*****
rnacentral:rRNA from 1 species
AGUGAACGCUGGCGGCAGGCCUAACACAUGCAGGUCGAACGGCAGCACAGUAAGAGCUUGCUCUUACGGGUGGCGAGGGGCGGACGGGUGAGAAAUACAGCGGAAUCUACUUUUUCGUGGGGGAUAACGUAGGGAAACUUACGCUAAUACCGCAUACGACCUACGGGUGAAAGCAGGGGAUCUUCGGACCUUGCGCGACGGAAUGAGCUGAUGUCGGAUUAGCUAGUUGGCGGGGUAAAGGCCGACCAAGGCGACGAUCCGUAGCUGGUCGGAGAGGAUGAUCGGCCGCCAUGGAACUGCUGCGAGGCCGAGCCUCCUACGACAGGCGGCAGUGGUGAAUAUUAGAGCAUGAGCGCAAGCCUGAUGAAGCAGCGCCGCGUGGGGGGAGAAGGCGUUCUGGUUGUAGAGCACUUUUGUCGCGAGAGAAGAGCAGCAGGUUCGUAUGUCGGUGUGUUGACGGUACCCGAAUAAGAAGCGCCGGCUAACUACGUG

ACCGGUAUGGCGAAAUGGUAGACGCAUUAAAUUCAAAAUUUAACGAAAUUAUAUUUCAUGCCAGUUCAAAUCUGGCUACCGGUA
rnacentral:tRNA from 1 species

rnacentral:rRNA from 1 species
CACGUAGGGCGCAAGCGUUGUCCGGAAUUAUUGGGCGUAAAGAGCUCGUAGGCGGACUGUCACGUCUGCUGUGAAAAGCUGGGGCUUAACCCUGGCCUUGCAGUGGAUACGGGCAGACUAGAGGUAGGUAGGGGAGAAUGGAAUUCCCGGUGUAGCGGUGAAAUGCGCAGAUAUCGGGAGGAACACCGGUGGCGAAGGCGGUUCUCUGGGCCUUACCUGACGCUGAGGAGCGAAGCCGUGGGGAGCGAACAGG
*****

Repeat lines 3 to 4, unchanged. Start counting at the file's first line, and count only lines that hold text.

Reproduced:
ACCGGUAUGGCGAAAUGGUAGACGCAUUAAAUUCAAAAUUUAACGAAAUUAUAUUUCAUGCCAGUUCAAAUCUGGCUACCGGUA
rnacentral:tRNA from 1 species